Investors may own a handful of stocks within their investment portfolio in which they track each stock's individual performance. However, the performance of a small portfolio is not indicative of the overall market. Investors also need information about market sentiment, which is where a stock index can be helpful.
An index can provide a measurable and traceable number that represents the overall market, a selected group of stocks, or a sector. A stock index can also serve as a benchmark for investment comparisons. For example, let's say your individual portfolio of stocks (or your mutual fund) returned 15%, but the market index returned 20% during the same period. As a result, your portfolio's performance (or your fund manager's performance) would be lagging behind the market.
- The Dow Jones Industrial Average is an index of 30 of the largest blue-chip stocks in the market.
- The DJIA is a price-weighted index, as opposed to one that is market-cap weighted, such as the S&P 500.
- The index is calculated by adding the stock prices of the 30 companies and then dividing by the divisor.
- The divisor changes when there are stock splits or dividends or when a company is added or removed from the index.
What Is the Dow?
The Dow Jones Industrial Average (DJIA) is an indicator of how 30 large, U.S.-listed companies have traded during a standard trading session.
A stock market index is a mathematical construct that provides a single number to measure the overall stock market (or a selected portion of it). The index is calculated by tracking prices of selected stocks (e.g., the top 30, as measured by prices of the largest companies, or top 50 oil-sector stocks) and based on pre-defined weighted average criteria (e.g., price-weighted, market-cap weighted, etc.)
The Calculation Behind the Dow
To better understand how the Dow changes value, let's start at its beginnings. When Dow Jones & Co. first introduced the index in the 1890s, it was a simple average of the prices of all constituents. For example, let's say there were 12 stocks in the Dow index; in that instance, the Dow's value would have been calculated by simply taking the sum of closing prices of all 12 stocks and dividing it by 12 (the number of companies or "constituents of the Dow index"). Hence, the Dow started as a simple price average index.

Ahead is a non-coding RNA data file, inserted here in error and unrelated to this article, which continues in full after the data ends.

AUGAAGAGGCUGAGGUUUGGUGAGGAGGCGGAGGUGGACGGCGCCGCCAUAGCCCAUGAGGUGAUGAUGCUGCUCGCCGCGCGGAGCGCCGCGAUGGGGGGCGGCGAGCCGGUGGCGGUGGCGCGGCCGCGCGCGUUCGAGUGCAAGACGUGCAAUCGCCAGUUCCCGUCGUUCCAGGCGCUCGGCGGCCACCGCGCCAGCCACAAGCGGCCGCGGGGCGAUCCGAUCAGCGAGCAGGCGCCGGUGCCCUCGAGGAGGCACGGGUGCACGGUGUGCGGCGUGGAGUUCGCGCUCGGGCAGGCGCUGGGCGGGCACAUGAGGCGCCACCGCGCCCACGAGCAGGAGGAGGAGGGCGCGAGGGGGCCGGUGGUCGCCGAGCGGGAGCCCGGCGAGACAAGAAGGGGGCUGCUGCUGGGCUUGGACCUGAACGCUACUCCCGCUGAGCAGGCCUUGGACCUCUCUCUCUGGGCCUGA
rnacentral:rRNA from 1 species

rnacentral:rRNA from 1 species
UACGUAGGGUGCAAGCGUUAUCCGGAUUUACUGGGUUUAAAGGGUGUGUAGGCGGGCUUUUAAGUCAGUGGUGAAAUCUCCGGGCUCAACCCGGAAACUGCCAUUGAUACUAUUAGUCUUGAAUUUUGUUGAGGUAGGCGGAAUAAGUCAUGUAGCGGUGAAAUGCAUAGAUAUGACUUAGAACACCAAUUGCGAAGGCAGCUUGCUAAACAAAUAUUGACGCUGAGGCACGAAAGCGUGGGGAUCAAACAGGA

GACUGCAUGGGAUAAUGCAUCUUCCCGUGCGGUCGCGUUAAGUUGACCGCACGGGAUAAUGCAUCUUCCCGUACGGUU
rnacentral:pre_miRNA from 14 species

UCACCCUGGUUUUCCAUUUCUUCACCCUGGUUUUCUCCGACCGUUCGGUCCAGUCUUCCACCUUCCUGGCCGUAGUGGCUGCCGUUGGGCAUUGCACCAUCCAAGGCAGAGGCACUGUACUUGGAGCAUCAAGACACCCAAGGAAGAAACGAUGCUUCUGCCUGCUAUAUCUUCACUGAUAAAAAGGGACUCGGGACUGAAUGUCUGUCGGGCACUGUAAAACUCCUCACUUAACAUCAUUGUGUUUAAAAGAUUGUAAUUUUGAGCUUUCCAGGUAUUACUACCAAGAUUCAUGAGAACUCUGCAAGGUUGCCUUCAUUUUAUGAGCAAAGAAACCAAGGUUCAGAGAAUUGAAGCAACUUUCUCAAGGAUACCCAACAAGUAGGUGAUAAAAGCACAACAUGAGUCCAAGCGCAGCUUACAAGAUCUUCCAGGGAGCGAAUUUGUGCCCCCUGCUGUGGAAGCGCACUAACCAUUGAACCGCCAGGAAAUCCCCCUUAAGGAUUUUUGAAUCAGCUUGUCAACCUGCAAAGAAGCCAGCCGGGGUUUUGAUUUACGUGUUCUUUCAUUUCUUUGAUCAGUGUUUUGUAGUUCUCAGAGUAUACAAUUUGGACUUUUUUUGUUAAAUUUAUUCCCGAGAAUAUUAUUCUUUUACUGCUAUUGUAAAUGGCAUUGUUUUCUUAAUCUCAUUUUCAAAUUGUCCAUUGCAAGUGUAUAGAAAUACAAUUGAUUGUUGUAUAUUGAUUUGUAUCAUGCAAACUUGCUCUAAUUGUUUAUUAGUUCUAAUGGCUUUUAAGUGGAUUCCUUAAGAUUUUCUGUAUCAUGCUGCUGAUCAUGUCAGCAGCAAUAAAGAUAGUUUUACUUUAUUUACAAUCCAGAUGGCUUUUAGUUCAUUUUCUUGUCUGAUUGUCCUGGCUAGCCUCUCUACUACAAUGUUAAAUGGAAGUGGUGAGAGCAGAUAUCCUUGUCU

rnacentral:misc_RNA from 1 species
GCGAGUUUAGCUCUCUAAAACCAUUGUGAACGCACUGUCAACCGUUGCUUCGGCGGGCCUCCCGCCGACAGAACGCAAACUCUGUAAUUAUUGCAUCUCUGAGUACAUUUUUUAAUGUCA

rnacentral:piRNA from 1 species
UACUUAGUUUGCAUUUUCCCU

DJIA Index Value=n∑i=0nPiwhere:Pi=The price of the ith stockn=The number of stocks in the index
To explain the concept better with other scenarios and twists, let's build our own simple hypothetical index along the lines of the Dow.
To keep it simple, assume that there is a stock market in a country that has only two stocks trading (Ally Inc. and Belly Inc.—A & B). How do we measure the performance of this overall stock market on a daily basis, as the stock prices are changing each moment and with every price tick? Instead of tracking each stock separately, it would be much easier to get and track a single number representing the overall market constituting both the stocks. The changes in that single number (let's call it "AB index") will reflect how the overall market is performing.
Let's assume that the exchange constructs a mathematical number represented by "AB Index," which is being measured on the performance of the two stocks (A and B). Assume that stock A is trading at $20 per share and stock B is trading at $80 per share on day 1.
Applying the initial concept of Dow to our hypothetical example of AB index:
 At the start, AB index =
Dow Calculation on Day 2
Now suppose the next day, the price of A moves up from $20 to $25 and that of B moves down from $80 to $75.
 The new AB index =
I.e., the positive price movement in one stock has canceled the equal value but negative price movement of another stock. Therefore, the index value remains unchanged.
Calculation on Day 3
Suppose on the third day, stock A moves to $30, while stock B moves to $85.
 The new AB index =
In the case of (2), the net sum price change was ZERO (stock A had +5 change, while stock B has -5 change, making the net sum change zero).
In the case of (3), the net sum price change was 15 (+5 for stock A [25 to 30] while +10 for stock B [75 to 85]). This net price sum change of 15 divided by n=2 gives the change as +7.5, taking the new changed index value on day three at 57.5.
Even though stock A had a higher percentage price change of 20% ($30 from $25), and stock B had a lower percentage change of 13.33% ($85 from $75), the impact of stock B's $10 change contributed to a bigger change in the overall index value. This indicates that price-weighted indices (like Dow Jones and Nikkei 225) depend on the absolute values of prices rather than relative percentage changes. This has also been one of the criticizing factors of price-weighted indexes, as they don't take into account the industry size or market capitalization value of the constituents.
Dow Calculation on Day 4
Now assume that another company C lists on the stock exchange at the price of $10 per share on the fourth day. AB index wants to expand and increase the number of constituents from two to three, to include the newly listed C company stock in addition to the existing A and B stocks.
From the perspective of the AB index, a new stock's coming onboard should not lead to a sudden jump or drop in its value. If it continues with its usual formula, then:
[4—Incorrect] The new AB index =
This is a sudden dip in index value from the previous 57.5 to 41.67, just because a new constituent is getting added to it. (Assuming that stocks A and B maintain their earlier day prices of $30 and $85). This would not be a very useful reflection of the overall health of the market.
To overcome this calculation anomaly problem, the concept of a divisor is introduced.